By 1960, Jimmy Heath was known as a true bop titan on the tenor saxophone. But on Riverside’s Really Big!, recorded that year, Heath’s big band arrangements and the incredible artists who made up his orchestra (Jimmy Heath, tenor saxophone, Clark Terry, trumpet, Nat Adderley, cornet, Tom McIntosh, trombone, Julian “Cannonball” Adderley, alto saxophone, Dick Berg, French horn, Pat Patrick, baritone saxophone, Tommy Flanagan and Cedar Walton pianos, Percy Heath, bass and Albert “Tootie” Heath on drums) made this recording one of the most spectacularly original releases on the Riverside label. And it’s one that still holds strong today.

This is Jimmy Heath’s first leading a big band exploration consisting mostly of bluesy originals such as “Big P,” “Old Fashioned Fun,” and “Nails.” Heath’s elegantly swinging horn arrangements and sense of contrary motion make each composition special and timeless.

Heath’s love and understanding of big band jazz really shows throughout Really Big!  Solos by Heath, Terry, Nat, and “Cannonball” Adderley are burning and fit beautifully with the theme of each carefully crafted piece. The Heath brothers’ (Percy and Albert “Tootie” Heath) rhythm backing is both subtle and melodic.

“Mana’s Mood” is a stunning ballad. It stands alongside the finest big band ballads composed by Billy Strayhorn and Duke Ellington. Both Walton’s and Heath’s solos are so graceful and soulful that they bring tears to my eyes every time I hear them.

Bobby Timmons’ “Dat Dere” is a well known hard-bop classic but Heath’s fresh big band arrangement opens up more solo space for Heath and Terry and makes it hard to believe this could have been written for anything but a ten piece ensemble like this.

Although Bronislaw Kaper and Ned Washington’s “On Green Dolphin Street” has already been done by many artists in the jazz world such as Mel Torme, Miles Davis, Urbie Green, Ahmad Jamal, Jack Sheldon, Bill Evans, and Wynton Kelly, Heath’s rendition on this album makes you feel as if you’re hearing it for the very first time. “Tootie” and Percy’s bass and drum intro is beyond funky. Tom McIntosh’s trombone solo glides along beautifully with Tommy Flanagan’s slick and precise piano comping. “Cannonball” Adderley’s alto sax solo cooks with true dynamics and blues driven soul.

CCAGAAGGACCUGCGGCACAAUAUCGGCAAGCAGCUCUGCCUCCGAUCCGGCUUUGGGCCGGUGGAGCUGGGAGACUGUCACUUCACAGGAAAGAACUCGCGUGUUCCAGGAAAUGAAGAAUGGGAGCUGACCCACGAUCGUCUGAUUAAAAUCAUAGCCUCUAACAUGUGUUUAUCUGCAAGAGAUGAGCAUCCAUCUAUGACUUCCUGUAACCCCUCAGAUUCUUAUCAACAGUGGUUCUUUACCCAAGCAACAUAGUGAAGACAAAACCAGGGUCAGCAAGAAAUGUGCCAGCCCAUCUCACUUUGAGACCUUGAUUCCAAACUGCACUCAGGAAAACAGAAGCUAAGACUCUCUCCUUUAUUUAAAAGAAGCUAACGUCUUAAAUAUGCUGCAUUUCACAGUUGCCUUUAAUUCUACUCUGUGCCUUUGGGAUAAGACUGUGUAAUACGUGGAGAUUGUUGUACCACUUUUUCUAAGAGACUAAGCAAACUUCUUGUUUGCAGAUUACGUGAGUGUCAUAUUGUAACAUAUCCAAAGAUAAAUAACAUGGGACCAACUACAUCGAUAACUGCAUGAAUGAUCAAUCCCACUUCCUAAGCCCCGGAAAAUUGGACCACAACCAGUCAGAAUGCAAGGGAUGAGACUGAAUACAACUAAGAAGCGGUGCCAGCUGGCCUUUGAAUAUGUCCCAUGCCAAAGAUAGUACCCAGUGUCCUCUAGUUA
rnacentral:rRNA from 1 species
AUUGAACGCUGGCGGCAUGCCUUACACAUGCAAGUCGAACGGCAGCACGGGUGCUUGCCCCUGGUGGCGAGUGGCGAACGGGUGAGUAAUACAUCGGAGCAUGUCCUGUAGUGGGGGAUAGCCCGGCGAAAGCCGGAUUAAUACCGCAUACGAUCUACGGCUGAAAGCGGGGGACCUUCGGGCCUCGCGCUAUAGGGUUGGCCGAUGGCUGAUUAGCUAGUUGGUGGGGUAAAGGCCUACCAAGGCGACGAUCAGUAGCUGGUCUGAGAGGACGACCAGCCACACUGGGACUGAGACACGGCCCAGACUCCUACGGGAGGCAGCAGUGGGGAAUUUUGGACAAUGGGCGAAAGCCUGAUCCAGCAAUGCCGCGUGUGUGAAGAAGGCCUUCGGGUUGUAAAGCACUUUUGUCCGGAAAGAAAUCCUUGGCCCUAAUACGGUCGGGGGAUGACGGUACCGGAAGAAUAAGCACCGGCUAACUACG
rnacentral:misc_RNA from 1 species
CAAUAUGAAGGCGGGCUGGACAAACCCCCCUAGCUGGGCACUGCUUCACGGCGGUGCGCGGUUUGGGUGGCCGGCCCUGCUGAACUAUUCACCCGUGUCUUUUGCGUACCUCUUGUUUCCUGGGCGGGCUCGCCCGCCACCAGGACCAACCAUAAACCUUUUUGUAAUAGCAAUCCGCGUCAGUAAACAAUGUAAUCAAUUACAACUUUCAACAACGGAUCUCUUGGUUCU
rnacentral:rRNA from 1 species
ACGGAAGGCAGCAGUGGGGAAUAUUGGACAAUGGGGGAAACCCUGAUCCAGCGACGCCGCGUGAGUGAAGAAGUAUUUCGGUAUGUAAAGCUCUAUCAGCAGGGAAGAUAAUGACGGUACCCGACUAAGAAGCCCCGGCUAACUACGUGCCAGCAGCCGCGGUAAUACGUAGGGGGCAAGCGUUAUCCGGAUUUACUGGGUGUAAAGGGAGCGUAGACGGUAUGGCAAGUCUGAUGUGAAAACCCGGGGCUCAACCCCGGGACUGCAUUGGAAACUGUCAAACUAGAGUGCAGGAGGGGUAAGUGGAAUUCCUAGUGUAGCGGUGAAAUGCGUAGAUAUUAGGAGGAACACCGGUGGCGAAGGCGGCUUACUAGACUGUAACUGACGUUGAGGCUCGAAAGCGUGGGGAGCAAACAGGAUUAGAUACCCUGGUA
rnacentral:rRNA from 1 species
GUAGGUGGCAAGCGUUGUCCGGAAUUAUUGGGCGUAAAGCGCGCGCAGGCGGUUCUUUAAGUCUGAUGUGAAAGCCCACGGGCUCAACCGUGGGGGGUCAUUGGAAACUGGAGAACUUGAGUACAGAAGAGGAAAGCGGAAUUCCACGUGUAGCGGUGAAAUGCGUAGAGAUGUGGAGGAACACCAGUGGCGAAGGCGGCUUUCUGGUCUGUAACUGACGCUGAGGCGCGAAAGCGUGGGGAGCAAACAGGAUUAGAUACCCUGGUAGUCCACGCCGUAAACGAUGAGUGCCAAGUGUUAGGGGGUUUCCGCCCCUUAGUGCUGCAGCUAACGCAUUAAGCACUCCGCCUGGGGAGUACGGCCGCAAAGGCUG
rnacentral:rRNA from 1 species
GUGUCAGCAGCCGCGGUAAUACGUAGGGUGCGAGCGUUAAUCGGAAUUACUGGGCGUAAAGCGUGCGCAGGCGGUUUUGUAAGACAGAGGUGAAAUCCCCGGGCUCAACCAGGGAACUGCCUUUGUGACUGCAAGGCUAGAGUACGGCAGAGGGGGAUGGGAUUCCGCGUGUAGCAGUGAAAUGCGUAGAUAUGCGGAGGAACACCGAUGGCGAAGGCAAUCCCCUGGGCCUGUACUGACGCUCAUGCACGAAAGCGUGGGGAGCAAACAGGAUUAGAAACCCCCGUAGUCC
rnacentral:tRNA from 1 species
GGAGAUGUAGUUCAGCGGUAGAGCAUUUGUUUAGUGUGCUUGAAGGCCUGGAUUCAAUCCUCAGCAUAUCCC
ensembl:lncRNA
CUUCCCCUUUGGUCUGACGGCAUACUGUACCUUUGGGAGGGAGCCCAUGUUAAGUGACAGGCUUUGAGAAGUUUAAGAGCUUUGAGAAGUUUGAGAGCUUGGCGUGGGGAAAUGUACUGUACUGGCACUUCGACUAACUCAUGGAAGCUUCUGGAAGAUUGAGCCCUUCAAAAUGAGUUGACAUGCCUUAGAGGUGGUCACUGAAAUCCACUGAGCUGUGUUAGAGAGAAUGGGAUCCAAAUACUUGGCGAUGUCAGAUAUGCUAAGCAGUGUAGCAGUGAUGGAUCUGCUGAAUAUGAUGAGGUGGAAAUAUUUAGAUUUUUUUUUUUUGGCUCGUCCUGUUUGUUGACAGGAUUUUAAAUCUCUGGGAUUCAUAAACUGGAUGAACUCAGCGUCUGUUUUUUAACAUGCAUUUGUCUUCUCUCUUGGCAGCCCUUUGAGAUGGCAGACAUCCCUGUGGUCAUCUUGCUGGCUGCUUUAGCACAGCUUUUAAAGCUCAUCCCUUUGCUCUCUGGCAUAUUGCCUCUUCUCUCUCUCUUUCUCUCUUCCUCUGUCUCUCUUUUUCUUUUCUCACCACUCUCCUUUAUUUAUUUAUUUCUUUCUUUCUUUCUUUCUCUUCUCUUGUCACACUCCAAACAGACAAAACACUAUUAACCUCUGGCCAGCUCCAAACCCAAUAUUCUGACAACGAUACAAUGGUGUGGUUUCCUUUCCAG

Not much in life swings harder than the up-tempo “The Picture Of Heath.” If you’re not yet into big band jazz, this piece would be a perfect introduction. Clark Terry, Tom McIntosh, and Nat Adderley briefly trade eights before Cedar Walton’s harmonically brilliant piano solo. This composition is a highlight of Heath’s entire career. Jimmy Heath made this album during a time in which big band jazz was being pushed under the rug. For the most part hard-bop, modal jazz, and the beginnings of avant-garde jazz were at the center of attention of the jazz buying public and press. This means Heath and his ten piece orchestra made this record out of sheer love and that love is felt all the way through Really Big!.

Grab this one quick if you don’t already have a copy.

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To read more posts, reviews and columns by Devon Wendell click HERE.


Doc Wendell’s Prescription For Bop: Sonny Stitt/BudPowell/J.J. Johnson (Prestige)

June 22, 2015

 

Devon “Doc” Wendell

By Devon Wendell

This album consists of three separate recording sessions between 1949-1950 lead by the great Sonny Stitt on tenor saxophone. The first two sessions from 1949 feature Stitt with Bebop piano master Bud Powell, with Curly Russell on bass and Max roach on drums

This is bop at its finest. Stitt consistently swings hard. Powell is in great form, and the rhythm section cooks. “Bud’s Blues” is phenomenal and the chemistry between Stitt and Powell on this track alone makes this an essential purchase.

Jazz fans will immediately recognize “Sonnyside” as being a rendition of Charlie Parker’s “Dexterity.” The renaming was most likely done by Bob Weinstock or someone at Prestige rather than the musicians. By this time, Stitt had found his own voice as a musician and had for the most part escaped Bird’s dominating influence from his earlier years with Dizzy Gillespie’s band.

The second half of the album is comprised of a session in 1950 in which Stitt is joined by Trombonist J.J. Johnson, with John Lewis on piano, Nelson Boyd on bass, and Max Roach on drums. Johnson’s blues flavored lyricism and deep understanding of the bebop language matches perfectly with Stitt’s hard hitting, virtuosic tenor lines. Lewis’ thoughtfully melodic accompaniment and the burning rhythm section of Boyd and Roach on J.J. Johnson’s originals — “Elora” “Teapot” and “Blue Mode” – make clear that bebop was still going strong in 1950 when many thought the music was starting to fade.

This is timeless music played by some of the greatest pioneers in jazz history. Do not wait until this goes out of print.

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To read more posts, reviews and columns by Devon Wendell click HERE.